Archive for September, 2011

September 29, 2011

Volunteers Needed: Get Your Hands a Little Dirty!

Fabulous volunteers at this year's Greenwich St. garden build-out

Are you interested in gardening? Community building? Do you want to meet other like-minded people while making Providence a greener place? Join SCLT in a Community Garden Build Out to expand the Potters Ave. Community Garden.  This project will provide the surrounding Providence community access to garden plots/land, where they can grow fresh, healthy food to feed their families. As a volunteer, you are an essential partner in creating community food systems where locally produced, affordable, and healthy food is available to all.

Who: Southside Community Land Trust is looking for 30 volunteers to help build a community garden in Providence. All are welcome! We are looking for 4 solid volunteers to help Oct. 11 and then additional 10 volunteers from Oct 12-14 and possibly extending into the following week. SCLT is providing lunch!!

What: As a volunteer, you will need to commit a minimum of 4 hours, be able to lift heavy items (such as lumber and soil) and be a team player. Gardening and/or carpentry experience is a plus!

When: Tuesday, October 11 through Friday, October 14 from 10:30am to 2:30pm.

Where: Community Garden & Park near intersection of Prairie and Potters Avenues, Providence, RI. 02905

How: Contact us! Let us know which days and for how long at time.
liza@southsideclt.org or call 401.273.9419 ext. 25
cindy@southsideclt.org or call 401.273.9419 ext. 30

September 27, 2011

A look back at September

So many great events happened this past September at Southside Community Land Trust! The slideshow below are just some of the moments and memories we had. Enjoy!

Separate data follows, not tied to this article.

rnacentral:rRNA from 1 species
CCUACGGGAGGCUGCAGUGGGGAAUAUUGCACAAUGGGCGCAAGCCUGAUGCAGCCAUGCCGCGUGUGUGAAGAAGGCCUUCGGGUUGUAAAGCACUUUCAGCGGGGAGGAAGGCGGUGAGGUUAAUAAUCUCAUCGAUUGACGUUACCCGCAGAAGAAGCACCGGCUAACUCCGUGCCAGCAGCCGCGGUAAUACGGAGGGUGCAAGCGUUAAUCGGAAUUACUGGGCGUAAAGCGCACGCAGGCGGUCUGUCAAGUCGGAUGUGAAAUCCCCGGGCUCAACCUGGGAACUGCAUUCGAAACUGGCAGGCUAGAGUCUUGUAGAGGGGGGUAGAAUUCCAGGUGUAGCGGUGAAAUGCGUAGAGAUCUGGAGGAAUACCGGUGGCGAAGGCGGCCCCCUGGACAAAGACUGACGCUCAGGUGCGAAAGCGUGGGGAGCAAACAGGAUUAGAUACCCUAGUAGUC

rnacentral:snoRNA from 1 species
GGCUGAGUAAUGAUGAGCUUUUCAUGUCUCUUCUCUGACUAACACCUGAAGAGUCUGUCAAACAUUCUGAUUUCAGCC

September 21, 2011

More than a Garden Tour

This past Saturday morning (just two days after our fabulous Harvest Party, phew!) was all sunshine and smiles  as over 40 people gathered to learn about the diversity of community gardens in Providence. The group toured 4 community gardens – Davey Lopes, Glenham, Cadillac Drive and Roger Williams Park – to hear from the people who gave their time and energy to building these thriving food-growing hubs, and each garden’s rich history, fertile present and future.

Davey Lopes Community Gardens is one of the first models in the nation to be a recreational center with an active community garden. Mr. Taylor, Sterling and George all shared the sentiment of how successful the garden has been with the community, especially with the youth. Kids of all ages have really taken ownership in maintaining and giving life to the garden, as evidenced by the abundance of kid-grown grapes, flowers and tomatoes. The Glenham Garden is a high-intensity garden, where nearly every square foot is used for growing food primarily by Hmong and Liberian refugees. Cadillac Drive Community Garden is long-time project of recently deceased councilman Miguel Luna (on Saturday State Rep. Grace Diaz said a few words and had a moment of silence for Mr. Luna).